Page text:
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Virginia GOPer proposes law that would force teachers to ‘out’ closeted students to their parents

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A Republican member of the Virginia House of Delegates has proposed a bill that — if ratified — would force teachers to “out” closeted LGBTQ students to their parents.

According to the Washington Blade, GOP Del. Bob Marshall has proposed a law that is very similar to North Carolina’s disastrous H.B. 2, which forbade trans North Carolinians from using the restroom of their expressed gender.

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But, included in Marshall’s bill is an “outlier” parental notification clause, said Cathryn Oakley of the Human Rights Campaign to the Blade. Under Virginia’s H.B. 1612, educators and other child welfare personnel would be compelled by law to tell parents that their child could be lesbian, gay, transgender, bisexual or questioning.

H.B. 1612 also includes an enforcement clause for its anti-trans restroom segregation measure, which North Carolina’s bill did not.

The Blade explained that the law — ironically named “The Physical Privacy Act” — “contains a provision that would compel a government-owned facility to pay civil damages to anyone who is found to have suffered physical or emotional distress because a person uses a sex-segregated facility based on their gender identity.”

The law could do real harm if enacted. Often LGBTQ youth are subject to intolerant home environments where their identities are not accepted. To have their parents made aware of their orientations without their consent could result in the child being abused, forced out of the home or forced to undergo ineffective and psychologically damaging “conversion therapy.”

Republicans around the country are attempting to launch similar bills in state legislatures in spite of the spectacular failure of North Carolina’s so-called “bathroom bill.”

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Under the Republican legislature and now-ousted Tea Party Gov. Pat McCrory, the state passed the discriminatory law and then lost billions of dollars in state revenue as athletic associations and touring performers detoured around the state.

“We are anticipating seeing bills like these crop up in states across the country,” said Oakley. “They are ill-advised and discriminatory in every single state.”


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World virus cases top 6 million as leaders disagree on pandemic response

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The number of coronavirus cases worldwide topped six million Sunday, with Brazil registering another record surge in daily infections as divisions deepened on how to deal with the pandemic.

Latin American countries are bracing for difficult weeks ahead as the disease spreads rapidly across the region, even as much of the world exits lockdowns that have wrecked economies and stripped millions of their jobs.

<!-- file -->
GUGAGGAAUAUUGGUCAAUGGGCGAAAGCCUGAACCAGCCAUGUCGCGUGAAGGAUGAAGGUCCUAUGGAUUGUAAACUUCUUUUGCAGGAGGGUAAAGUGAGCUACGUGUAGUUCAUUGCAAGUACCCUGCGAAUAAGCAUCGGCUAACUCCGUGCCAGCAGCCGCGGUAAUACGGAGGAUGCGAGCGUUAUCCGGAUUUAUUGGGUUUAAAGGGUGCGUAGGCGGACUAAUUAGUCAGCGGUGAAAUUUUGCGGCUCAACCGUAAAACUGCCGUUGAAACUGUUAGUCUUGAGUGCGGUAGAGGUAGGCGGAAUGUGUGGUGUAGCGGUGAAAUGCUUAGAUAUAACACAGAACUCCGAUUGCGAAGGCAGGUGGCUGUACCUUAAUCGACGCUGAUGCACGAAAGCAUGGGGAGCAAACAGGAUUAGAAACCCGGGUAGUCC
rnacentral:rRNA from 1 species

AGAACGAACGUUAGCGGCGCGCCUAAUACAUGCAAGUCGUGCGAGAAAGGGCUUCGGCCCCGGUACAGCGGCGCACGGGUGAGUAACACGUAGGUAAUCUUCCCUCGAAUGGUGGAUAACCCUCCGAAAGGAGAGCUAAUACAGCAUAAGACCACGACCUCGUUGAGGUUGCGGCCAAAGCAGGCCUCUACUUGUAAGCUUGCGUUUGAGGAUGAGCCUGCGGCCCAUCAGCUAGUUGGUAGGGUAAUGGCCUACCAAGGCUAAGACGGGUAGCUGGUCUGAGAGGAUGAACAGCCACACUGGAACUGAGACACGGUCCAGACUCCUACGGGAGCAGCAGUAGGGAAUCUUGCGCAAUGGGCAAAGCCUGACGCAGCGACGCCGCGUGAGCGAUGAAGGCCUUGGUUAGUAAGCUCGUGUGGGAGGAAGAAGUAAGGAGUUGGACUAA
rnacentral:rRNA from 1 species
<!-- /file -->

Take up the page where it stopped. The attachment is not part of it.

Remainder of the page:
In Brazil -- the epicenter of South America's outbreak with nearly 500,000 confirmed cases, lagging only behind the United States -- disagreement among leaders over lockdown measures has hampered efforts to slow the virus as the number of fatalities in the country nears 30,000.

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Curfews and clashes as police brutality protests escalate

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Curfews were imposed on major US cities as clashes over police brutality erupted across America with demonstrators ignoring warnings from President Donald Trump that his government would stop the violent protests "cold."

Minneapolis, the epicenter of the unrest, was gripped by a fifth consecutive night of violence on Saturday with police in riot gear firing tear gas and stun grenades at protesters venting fury at the death of George Floyd, an unarmed black man, during an arrest in the city on Monday.

Los Angeles, Chicago and Atlanta were among two dozen cities ordering people to stay indoors overnight as more states called in National Guard soldiers to help control the civil unrest not seen in the United States for years.

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2020 Election

‘Insanity outside the White House’: After Trump stokes tensions, fresh clashes between police and protesters

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As protests against police violence and the killing of George Floyd continued in cities across the U.S. on Saturday, a massive crowd gathered outside President Donald Trump's White House as demonstrators again turned their ire and demands for justice and healing towards the nation's most powerful elected official. After tensions built, clashes erupted between law enforcement and demonstrators.

Tensions flared near the White House. Not sure what triggered it, all I saw was a blast of pepper spray and a sudden sprint backward. There’s a lot more pressure on the police cordon and they’re pulling out gas masks. pic.twitter.com/X4uCQRzPkw

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